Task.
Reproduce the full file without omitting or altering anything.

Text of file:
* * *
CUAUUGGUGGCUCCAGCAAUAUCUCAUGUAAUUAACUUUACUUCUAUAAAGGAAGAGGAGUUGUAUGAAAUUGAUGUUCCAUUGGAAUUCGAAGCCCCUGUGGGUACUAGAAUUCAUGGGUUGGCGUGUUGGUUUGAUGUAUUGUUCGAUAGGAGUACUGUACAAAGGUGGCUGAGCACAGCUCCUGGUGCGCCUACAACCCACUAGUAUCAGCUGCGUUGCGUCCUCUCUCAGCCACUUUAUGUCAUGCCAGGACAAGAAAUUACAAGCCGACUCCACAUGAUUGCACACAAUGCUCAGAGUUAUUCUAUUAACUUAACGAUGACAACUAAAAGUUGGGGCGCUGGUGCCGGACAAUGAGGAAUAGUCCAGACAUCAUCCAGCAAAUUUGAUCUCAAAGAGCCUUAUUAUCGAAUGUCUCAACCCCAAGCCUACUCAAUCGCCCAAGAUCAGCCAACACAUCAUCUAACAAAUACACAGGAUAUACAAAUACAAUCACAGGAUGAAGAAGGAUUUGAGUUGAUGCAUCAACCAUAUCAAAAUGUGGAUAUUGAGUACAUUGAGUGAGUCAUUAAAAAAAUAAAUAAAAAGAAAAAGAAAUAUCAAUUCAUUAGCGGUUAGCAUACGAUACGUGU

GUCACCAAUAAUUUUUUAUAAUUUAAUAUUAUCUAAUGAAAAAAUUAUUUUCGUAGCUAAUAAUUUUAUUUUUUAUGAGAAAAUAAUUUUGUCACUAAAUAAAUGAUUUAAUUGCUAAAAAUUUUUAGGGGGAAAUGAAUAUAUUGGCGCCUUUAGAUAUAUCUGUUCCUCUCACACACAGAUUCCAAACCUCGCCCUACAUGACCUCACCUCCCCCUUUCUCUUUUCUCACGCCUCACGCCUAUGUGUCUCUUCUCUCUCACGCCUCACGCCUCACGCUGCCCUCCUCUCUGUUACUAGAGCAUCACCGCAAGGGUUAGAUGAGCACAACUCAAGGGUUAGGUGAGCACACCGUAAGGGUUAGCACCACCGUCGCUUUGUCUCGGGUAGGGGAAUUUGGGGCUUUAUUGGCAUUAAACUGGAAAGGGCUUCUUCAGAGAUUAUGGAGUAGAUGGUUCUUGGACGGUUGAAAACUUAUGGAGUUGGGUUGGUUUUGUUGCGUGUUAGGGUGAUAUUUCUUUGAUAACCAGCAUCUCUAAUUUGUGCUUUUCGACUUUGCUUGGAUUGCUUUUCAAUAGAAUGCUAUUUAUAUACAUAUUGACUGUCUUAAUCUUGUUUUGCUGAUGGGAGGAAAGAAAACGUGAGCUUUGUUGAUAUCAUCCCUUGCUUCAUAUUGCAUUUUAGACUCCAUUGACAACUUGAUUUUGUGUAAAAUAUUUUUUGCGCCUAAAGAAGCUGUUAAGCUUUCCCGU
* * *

CUAUUGGUGGCUCCAGCAAUAUCUCAUGUAAUUAACUUUACUUCUAUAAAGGAAGAGGAGUUGUAUGAAAUUGAUGUUCCAUUGGAAUUCGAAGCCCCUGUGGGUACUAGAAUUCAUGGGUUGGCGUGUUGGUUUGAUGUAUUGUUCGAUAGGAGUACUGUACAAAGGUGGCUGAGCACAGCUCCUGGUGCGCCUACAACCCACUAGUAUCAGCUGCGUUGCGUCCUCUCUCAGCCACUUUAUGUCAUGCCAGGACAAGAAAUUACAAGCCGACUCCACAUGAUUGCACACAAUGCUCAGAGUUAUUCUAUUAACUUAACGAUGACAACUAAAAGUUGGGGCGCUGGUGCCGGACAAUGAGGAAUAGUCCAGACAUCAUCCAGCAAAUUUGAUCUCAAAGAGCCUUAUUAUCGAAUGUCUCAACCCCAAGCCUACUCAAUCGCCCAAGAUCAGCCAACACAUCAUCUAACAAAUACACAGGAUAUACAAAUACAAUCACAGGAUGAAGAAGGAUUUGAGUUGAUGCAUCAACCAUAUCAAAAUGUGGAUAUUGAGUACAUUGAGUGAGUCAUUAAAAAAAUAAAUAAAAAGAAAAAGAAAUAUCAAUUCAUUAGCGGUUAGCAUACGAUACGUGU

GUCACCAAUAAUUUUUUAUAAUUUAAUAUUAUCUAAUGAAAAAAUUAUUUUCGUAGCUAAUAAUUUUAUUUUUUAUGAGAAAAUAAUUUUGUCACUAAAUAAAUGAUUUAAUUGCUAAAAAUUUUUAGGGGGAAAUGAAUAUAUUGGCGCCUUUAGAUAUAUCUGUUCCUCUCACACACAGAUUCCAAACCUCGCCCUACAUGACCUCACCUCCCCCUUUCUCUUUUCUCACGCCUCACGCCUAUGUGUCUCUUCUCUCUCACGCCUCACGCCUCACGCUGCCCUCCUCUCUGUUACUAGAGCAUCACCGCAAGGGUUAGAUGAGCACAACUCAAGGGUUAGGUGAGCACACCGUAAGGGUUAGCACCACCGUCGCUUUGUCUCGGGUAGGGGAAUUUGGGGCUUUAUUGGCAUUAAACUGGAAAGGGCUUCUUCAGAGAUUAUGGAGUAGAUGGUUCUUGGACGGUUGAAAACUUAUGGAGUUGGGUUGGUUUUGUUGCGUGUUAGGGUGAUAUUUCUUUGAUAACCAGCAUCUCUAAUUUGUGCUUUUCGACUUUGCUUGGAUUGCUUUUCAAUAGAAUGCUAUUUAUAUACAUAUUGACUGUCUUAAUCUUGUUUUGCUGAUGGGAGGAAAGAAAACGUGAGCUUUGUUGAUAUCAUCCCUUGCUUCAUAUUGCAUUUUAGACUCCAUUGACAACUUGAUUUUGUGUAAAAUAUUUUUUGCGCCUAAAGAAGCUGUUAAGCUUUCCCGU